Thyroid cancer is the most common endocrine malignancy in the United States. Over the past 30 years the incidence of thyroid cancer has more than doubled. Thyroid cancer is generally one of the last a crescent forms of cancer, in most can be cured when properly diagnosed and treated. 97 to 99% of all thyroid cancers are classified as well-differentiated which tend to have a very good long-term prognosis with greater than 80% survival over 20 years. Papillary carcinoma is the most common form of well-differentiated thyroid cancer with other types including follicular carcinoma and Hurthle cell carcinoma. Thyroid cancer is treated with removal of the entire thyroid gland and adjacent lymph nodes followed by thyroid hormone replacement and radioactive iodine. Other forms of thyroid cancer include medullary carcinoma and anaplastic thyroid cancer which are classified as poorly differentiated tumors and tend to have a more aggressive course.
Thyroid cancers allow the physician to track tumor markers such as thyroglobulin for early evidence of recurrent disease. Thyroglobulin levels are measured by blood work and may prompt a more detailed evaluation including radioactive iodine uptake scanning. Thyroid ultrasound is a useful tool in identifying thyroid nodules that may represent thyroid cancers. Ultrasound allows the surgeon Tim age the thyroid gland in a dynamic fashion allowing the ability eat to biopsy by fine-needle aspiration. After surgery for thyroid cancer, the patient will undergo monitoring of their it thyroglobulin levels at three months and six months as well as neck alter sound evaluation at six months after surgery. This allows the position to identified lymph node disease or recurrent thyroid cancer within the thyroid bed.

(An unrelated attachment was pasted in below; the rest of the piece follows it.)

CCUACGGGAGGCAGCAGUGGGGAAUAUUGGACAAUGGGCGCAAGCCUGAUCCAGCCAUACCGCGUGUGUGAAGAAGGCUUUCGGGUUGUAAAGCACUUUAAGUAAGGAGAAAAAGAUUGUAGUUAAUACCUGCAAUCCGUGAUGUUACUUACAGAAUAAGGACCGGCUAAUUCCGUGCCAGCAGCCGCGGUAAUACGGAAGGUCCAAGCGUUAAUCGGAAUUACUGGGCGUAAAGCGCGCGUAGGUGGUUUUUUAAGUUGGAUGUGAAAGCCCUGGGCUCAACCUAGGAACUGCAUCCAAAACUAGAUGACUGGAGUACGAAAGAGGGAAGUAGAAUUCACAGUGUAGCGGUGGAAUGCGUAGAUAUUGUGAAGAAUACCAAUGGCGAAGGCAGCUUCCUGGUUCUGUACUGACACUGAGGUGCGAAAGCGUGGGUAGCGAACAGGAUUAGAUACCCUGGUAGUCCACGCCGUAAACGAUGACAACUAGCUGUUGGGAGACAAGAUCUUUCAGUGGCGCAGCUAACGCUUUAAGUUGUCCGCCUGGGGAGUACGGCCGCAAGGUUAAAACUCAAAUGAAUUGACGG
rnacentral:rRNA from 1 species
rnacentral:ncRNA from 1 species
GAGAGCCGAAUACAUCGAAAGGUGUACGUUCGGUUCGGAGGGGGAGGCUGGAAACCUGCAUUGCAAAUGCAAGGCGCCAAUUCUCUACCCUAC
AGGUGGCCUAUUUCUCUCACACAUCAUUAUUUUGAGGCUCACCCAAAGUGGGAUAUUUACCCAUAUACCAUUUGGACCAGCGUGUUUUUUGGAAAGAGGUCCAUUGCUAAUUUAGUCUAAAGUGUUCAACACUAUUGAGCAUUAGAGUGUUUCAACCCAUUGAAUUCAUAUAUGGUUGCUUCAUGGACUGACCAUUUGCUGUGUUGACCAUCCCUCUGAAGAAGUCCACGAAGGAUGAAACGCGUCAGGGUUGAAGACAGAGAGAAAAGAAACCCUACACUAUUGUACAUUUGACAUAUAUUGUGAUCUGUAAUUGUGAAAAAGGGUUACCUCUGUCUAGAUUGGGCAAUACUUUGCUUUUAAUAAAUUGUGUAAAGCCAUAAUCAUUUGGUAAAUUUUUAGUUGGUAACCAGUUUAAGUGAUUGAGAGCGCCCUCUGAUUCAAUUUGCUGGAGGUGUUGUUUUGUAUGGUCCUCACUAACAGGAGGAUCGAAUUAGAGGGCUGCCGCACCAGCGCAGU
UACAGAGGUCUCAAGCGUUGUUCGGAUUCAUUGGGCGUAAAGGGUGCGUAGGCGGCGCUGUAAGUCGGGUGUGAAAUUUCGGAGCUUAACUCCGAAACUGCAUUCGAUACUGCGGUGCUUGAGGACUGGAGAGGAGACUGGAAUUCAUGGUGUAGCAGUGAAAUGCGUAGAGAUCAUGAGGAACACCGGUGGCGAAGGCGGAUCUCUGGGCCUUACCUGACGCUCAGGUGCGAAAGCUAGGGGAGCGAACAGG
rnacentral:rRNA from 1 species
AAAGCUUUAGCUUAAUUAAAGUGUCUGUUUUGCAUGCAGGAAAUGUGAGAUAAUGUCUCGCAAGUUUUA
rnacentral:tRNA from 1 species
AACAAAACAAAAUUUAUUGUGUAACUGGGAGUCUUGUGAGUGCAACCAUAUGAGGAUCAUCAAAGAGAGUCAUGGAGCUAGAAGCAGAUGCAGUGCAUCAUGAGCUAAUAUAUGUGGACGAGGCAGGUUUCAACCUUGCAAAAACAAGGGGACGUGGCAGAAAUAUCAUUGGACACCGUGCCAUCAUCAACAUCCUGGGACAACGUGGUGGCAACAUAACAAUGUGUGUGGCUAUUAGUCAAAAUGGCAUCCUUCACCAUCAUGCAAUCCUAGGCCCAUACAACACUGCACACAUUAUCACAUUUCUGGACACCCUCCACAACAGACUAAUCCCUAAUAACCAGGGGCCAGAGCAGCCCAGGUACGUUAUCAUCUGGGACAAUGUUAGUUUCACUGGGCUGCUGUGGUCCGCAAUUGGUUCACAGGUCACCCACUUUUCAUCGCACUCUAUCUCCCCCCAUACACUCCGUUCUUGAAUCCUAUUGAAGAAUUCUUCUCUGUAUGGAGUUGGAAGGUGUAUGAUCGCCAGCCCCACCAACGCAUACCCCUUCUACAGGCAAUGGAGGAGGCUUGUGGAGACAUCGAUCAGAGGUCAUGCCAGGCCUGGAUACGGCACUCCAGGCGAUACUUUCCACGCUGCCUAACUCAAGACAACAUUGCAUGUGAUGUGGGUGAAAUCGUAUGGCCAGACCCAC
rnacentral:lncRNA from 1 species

Thyroid surgery may involve removal of the entire thyroid gland or part depending on the disease process. Removal of the entire thyroid gland is generally necessary for the treatment of thyroid cancer, while benign disease may be treated with 3 mile oval of a portion gland. This may allow the patient to avoid thyroid replacement hormone therapy. Thyroid surgery is performed through a small incision across the lower portion of the neck. Recovery after thyroid surgery tends to be quick, but the patient having minimal Incisional pain. Patients are often able to return to work and normal activity within one week after surgery. They will often have a sore throat that last for 5 to 6 days. Many patients will experience easy fatigue for the first month after surgery.
Postoperative Instructions following Thyroidectomy
Synthroid will be started on the first morning at home. This is to be taken on an empty stomach with a glass of water.
Calcium supplement can be taken in the form of Os-Cal or TUMS. If you are sent home with calcium supplement, 2 tablets should be taken 2 hours after Synthroid and again at bedtime.
If you experience tingling in your fingertips or around your lips, you should take 2 Os-Cal. If the tingling continues after 30 minutes, take 2 more Os-Cal and wait 30 more minutes. If the symptoms persist, call my office at 595-8985 at any hour.
Wait 30 minutes after taking Synthroid before eating. Try to avoid calcium-containing foods such as milk or cheese for 2 hours.
Do 10 neck stretches by placing the arch anterior chet and then extending your neck fully. This should be repeated several times throughout the day.
It is okay to shower on postoperative day one.
Tape strips should be left in place until you return to the office. If the strips come off on their own, they can be left off.
You may drive when you are off all pain medication and able to look over your shoulder without hesitation.
Chloraseptic spray or Cepacol lozenges may be used for sore throat. Warm saltwater gargling may also be beneficial.
Your diet may be advanced to a regular diet when you feel up to it.
Call 205-595-8985 for any concerns or questions. This number may be called at any hour.